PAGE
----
An Undecided Voter Will Not Vote

Over the past few weeks, social media and news outlets have tried to predict who will vote on November 3. Also, the discussion about absentee and mail-in voting has received more attention during this election cycle than any other in recent history. When looking at how voters identify according to political parties, 29% say they are Republicans, 40% say they are Democrats, and 27% identify as independent (Ballotpedia, 2017).

A natural inclination is to believe the independent voter will swing to either the left or the right. However, that is a very difficult prediction to make considering that independent voters usually vote Democrat or Republican, they just prefer not to share their true party preference. The undecided voter is the voter each party should be concerned about and focused on winning over. Due to the nature of the social, economic, and political climate, I believe undecided voters at this time simply will not vote. They have no incentive because each candidate does not have clearly defined policies and ineffectively articulates how they plan to move the country forward and help others.

After the first presidential debate, these are thoughts shared from undecided voters with NPR:

Javon McMillan, an undecided voter, stated “I feel kind of scared about Election Day honestly. don’t feel like either party has Black people or poor people’s best interests at heart because one side, I feel like, wants to keep people poor, and the other side doesn’t even care.” Another undecided voter, Zoey Shisler, stated “the problem is there’s just constant conversation about the overall – like, GDP or the stock market. Is that really a good economy if people are not getting the wages that they used to and they don’t have job security and they don’t have health care?  Shisler feels there is a general lack of substance to help her decide. “All Biden has to do is convince me that he has policies that are going to replace Trump when he gets into office, and he hasn’t convinced me of that.”  These sentiments reflect the essence of what voters want to know: how are you going to help me? What are you going to do to change my professional trajectory, help improve my community, and ensure safety for my loved ones?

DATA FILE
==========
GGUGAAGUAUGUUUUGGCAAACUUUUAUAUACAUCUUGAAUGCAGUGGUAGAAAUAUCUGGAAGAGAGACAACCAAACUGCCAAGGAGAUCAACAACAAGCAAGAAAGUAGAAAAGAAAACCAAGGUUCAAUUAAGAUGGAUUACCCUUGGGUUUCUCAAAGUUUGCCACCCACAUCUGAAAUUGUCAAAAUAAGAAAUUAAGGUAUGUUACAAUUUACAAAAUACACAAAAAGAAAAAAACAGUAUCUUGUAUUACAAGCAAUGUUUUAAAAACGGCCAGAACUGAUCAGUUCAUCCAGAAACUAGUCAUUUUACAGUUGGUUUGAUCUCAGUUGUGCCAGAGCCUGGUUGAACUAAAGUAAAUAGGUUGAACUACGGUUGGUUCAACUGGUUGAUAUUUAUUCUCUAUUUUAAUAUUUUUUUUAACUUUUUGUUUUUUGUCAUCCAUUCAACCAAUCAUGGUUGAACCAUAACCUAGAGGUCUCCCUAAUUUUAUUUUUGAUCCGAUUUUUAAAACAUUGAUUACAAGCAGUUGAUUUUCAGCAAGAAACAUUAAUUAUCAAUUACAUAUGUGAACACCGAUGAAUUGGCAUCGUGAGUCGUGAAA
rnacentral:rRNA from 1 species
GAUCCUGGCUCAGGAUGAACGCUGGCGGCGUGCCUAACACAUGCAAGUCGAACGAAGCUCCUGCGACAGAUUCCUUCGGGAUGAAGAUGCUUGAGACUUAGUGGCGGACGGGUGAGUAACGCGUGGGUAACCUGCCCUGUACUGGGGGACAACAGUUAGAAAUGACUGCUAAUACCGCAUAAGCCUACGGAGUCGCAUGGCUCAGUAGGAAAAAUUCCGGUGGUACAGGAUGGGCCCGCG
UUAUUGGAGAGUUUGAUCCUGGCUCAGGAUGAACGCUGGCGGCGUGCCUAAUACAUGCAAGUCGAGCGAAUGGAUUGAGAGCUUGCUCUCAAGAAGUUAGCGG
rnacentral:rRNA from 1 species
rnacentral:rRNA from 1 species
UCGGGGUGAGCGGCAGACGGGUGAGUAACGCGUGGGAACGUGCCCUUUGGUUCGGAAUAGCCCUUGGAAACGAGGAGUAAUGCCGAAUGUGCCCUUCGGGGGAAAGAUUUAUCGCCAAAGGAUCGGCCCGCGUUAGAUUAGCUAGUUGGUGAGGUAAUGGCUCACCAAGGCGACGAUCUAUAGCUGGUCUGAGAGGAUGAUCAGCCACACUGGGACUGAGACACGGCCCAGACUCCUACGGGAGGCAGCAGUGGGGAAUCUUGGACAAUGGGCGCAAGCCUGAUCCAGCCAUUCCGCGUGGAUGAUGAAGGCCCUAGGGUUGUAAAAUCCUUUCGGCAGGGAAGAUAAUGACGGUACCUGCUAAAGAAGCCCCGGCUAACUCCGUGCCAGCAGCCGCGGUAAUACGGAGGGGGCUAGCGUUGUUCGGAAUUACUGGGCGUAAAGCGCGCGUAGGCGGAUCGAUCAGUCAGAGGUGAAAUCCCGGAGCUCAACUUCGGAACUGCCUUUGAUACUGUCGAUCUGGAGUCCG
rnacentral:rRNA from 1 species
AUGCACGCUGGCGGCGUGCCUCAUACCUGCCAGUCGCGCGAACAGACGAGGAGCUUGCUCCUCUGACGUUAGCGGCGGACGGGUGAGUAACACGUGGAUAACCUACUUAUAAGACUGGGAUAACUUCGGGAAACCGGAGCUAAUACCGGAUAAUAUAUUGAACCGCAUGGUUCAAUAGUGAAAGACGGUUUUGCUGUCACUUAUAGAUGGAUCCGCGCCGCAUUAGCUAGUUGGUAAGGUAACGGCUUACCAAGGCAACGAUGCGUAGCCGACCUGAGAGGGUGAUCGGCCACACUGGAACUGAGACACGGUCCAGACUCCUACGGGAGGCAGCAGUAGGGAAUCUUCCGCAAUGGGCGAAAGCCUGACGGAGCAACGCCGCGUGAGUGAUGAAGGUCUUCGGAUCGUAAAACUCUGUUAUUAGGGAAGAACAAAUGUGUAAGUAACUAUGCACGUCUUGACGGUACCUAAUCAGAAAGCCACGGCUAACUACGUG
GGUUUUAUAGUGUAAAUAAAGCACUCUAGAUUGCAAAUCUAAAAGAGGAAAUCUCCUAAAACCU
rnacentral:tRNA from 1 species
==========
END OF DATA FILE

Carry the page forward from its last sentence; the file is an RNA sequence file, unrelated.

Sometimes, policy issues focus more on facts instead of appealing to the hearts of voters. Below are the published list of policy issues each candidate supports.

Economy

Trump

  • Grant tax credits to companies that move manufacturing back to United States, tariffs on those that don’t.
  • Continue improving trade deals after USMCA, China Phase 1, South Korea, and Japan deals.
  • Continue to cut regulations for businesses.
  • Fund on-the-job training, apprenticeships.
  • Make major investment in infrastructure.

 Biden

  • Increase the federal minimum wage to $15 per hour.
  • Strengthen worker organizing, collective bargaining, and unions.
  • Make major investment in infrastructure focused on reducing carbon emissions.
  • Make racial equity part of the mandate of the Federal Reserve.

Taxes

Trump

  • Signed tax cut legislation.
  • Cut capital gains tax to 15 percent.
  • Increased the estate tax basic exemption amount from $5 million to $10 million.
  • Proposes a cut to payroll tax.

Biden

  • Greatly increase capital gains tax to same rate as income tax.
  • Increase taxes by $4 trillion over 10 years, including raising taxes on people making over $400,000 a year.
  • Directed federal agencies to move out of D.C. to opportunity zones.

Health Care

Trump

  • Rescinded the individual mandate in Affordable Care Act and supports repealing the entire act.
  • Protect those with pre-existing conditions.
  • Supports health care price transparency.
  • Stop “surprise billing” by banning out-of-network charges when the patient doesn’t have control over provider choice.

Biden

  • Introduce “public option” health insurance plans run by the federal government.
  • Protect and expand the Affordable Care Act (ACA).
  • Increase tax credits toward health coverage. Give the tax credits to higher-income people who currently aren’t eligible
  • Provide free health care to illegal aliens.
  • Expand Medicaid in states that rejected expansion offered by ACA.

Education

Trump

  • Support school choice—homeschooling, career and technical education, private or parochial schools, magnet schools, charter schools, online learning, and early-college high schools.
  • Wants funding to follow child (currently an average of $12,000 per student per year in public school).
  • Ensure First Amendment protections for students on campus.
  • Sue colleges for discriminating against Asians and whites.

Biden

  • Triple the funding for Title I schools, increase teacher wages.